Review: “The Remembrance,” T.C. Parker

Rating: 4.5 out of 5

T.C. Parker’s thriller The Remembrance: El Gardener Book 3 is a great follow-on to books one and two. We’ve returned to our group of lady con artists in 1998. Karen is married now, El and Rose have finally been dating, and the most difficult thing El has to do right now is con some very gullible people into parting with a painting she wants to give to Rose for her birthday. Until all of their money goes away. Poof. Empty bank accounts–even all the secret ones. Cards declined. At least Rose still has some assets, but suddenly everyone’s on very thin ice. Meanwhile, in flashbacks taking place in 1941, we meet Dolly. Her parents are killed in a bombing, and she and her sister are sent to live with an uncle. When her curiosity results in her tracking and confronting an assassin, she becomes his protege–after all, she seems to be entirely lacking in empathy. Back in 1998, the ladies’ arch-enemy, Hannah D’Amboise, shows up again, ostensibly to warn them that a professional assassin is out to kill all of them and their families. But this is Hannah we’re talking about, so there are complications she hasn’t mentioned!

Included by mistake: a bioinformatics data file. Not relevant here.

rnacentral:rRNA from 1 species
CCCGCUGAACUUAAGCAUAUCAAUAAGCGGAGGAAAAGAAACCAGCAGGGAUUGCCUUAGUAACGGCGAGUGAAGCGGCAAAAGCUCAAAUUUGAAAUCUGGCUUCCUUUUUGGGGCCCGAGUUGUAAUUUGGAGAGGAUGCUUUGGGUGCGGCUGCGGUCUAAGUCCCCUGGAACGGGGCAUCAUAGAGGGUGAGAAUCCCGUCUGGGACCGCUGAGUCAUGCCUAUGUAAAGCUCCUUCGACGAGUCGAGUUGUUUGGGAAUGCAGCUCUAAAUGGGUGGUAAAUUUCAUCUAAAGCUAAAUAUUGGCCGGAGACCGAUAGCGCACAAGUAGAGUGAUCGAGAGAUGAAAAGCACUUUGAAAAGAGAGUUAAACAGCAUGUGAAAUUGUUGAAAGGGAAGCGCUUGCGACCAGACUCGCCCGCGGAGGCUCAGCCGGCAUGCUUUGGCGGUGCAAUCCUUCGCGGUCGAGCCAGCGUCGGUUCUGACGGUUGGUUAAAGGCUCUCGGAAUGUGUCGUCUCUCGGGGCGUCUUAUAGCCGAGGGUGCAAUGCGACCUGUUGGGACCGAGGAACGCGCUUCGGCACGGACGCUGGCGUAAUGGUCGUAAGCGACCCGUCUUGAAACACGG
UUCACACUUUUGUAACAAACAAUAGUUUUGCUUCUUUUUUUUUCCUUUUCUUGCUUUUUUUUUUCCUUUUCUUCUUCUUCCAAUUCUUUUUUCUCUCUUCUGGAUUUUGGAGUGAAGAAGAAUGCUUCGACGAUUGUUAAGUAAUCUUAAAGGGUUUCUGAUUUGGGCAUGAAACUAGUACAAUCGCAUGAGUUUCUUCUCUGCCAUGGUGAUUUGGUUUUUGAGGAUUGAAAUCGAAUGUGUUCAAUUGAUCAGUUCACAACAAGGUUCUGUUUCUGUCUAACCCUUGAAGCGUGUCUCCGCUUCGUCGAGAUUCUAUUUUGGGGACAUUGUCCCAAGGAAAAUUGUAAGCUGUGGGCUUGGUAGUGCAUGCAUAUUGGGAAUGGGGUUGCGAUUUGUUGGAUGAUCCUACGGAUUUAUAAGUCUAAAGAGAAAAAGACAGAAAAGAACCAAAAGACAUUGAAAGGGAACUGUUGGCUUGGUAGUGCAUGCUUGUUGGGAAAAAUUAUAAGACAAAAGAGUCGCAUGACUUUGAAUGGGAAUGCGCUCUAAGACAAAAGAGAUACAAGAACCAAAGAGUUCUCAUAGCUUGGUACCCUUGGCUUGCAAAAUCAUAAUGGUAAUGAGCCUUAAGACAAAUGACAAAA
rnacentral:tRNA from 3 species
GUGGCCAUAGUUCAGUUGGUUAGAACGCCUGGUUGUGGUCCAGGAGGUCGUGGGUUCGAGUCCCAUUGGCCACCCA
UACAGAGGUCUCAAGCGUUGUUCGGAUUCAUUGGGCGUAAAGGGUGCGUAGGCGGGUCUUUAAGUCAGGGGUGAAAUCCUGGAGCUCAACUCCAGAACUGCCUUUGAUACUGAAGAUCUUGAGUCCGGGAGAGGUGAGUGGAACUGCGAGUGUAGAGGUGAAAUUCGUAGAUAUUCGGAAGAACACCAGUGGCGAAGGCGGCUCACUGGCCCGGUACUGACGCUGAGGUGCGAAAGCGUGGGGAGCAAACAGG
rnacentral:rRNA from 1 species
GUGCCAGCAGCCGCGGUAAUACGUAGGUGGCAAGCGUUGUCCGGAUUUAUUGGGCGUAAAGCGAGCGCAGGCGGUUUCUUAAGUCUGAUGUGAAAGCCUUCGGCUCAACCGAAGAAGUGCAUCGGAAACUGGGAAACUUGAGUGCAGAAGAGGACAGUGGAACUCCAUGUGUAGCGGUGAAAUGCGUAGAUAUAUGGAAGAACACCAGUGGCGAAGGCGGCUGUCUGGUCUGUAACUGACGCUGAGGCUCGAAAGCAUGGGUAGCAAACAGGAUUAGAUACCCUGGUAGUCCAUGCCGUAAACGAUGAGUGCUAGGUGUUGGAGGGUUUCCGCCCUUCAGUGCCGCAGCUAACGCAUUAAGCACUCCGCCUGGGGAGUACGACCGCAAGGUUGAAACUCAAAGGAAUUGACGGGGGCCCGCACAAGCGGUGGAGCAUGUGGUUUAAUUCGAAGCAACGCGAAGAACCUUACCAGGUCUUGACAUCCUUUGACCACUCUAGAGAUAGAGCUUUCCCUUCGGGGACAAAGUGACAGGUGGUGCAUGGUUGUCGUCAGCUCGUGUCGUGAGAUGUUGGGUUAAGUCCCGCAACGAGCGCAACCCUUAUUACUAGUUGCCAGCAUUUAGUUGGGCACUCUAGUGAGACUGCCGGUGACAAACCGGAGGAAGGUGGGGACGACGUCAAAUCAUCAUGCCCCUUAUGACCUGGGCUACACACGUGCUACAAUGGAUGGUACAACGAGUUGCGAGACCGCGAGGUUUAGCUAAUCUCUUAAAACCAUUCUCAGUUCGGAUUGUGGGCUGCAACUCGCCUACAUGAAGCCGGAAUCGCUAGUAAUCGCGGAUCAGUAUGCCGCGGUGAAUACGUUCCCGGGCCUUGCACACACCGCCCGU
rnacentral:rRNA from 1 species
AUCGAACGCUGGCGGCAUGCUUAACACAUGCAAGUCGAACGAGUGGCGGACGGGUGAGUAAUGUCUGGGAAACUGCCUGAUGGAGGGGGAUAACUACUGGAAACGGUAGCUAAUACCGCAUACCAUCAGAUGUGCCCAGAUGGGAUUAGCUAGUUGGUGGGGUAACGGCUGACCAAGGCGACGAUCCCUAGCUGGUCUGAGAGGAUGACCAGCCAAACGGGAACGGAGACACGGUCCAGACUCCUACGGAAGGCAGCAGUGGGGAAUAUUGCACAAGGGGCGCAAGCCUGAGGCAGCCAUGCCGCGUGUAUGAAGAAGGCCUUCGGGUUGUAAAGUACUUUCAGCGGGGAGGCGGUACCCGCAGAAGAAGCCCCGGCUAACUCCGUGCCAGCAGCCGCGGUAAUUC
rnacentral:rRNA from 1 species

The one negative I had with this volume is that some of the twists and turns and schemes seemed to rely on one or two events that were not very predictable, in my opinion. But on the other hand, as con artists, these ladies are much better at judging character and potential actions and reactions than your average person, so I think I can mostly suspend disbelief for that part.

Dolly, also known as Thea, makes a rather fascinating assassin, particularly once she picks up a protege of her own. She’s absolutely sociopathic, and she’s picked out a few repeat team members who make things interesting: a contortionist, Lucian (her protege and muscle), and a hacker. We only see these characters in small amounts, but despite that they have plenty of depth to them.

With rare exception, the ladies shun violence, believing if things come down to fists, knives, or guns, then they’ve already lost control of the situation. But they may not be able to choose to stay non-violent. Consequences from book one still haunt them, and Hannah is as two-faced as ever. I love the twists and turns the plot takes, even on those occasions where it confuses me for a time. The characters make this series absolutely fabulous.

Content note: a few deaths, gory but not lingered on.

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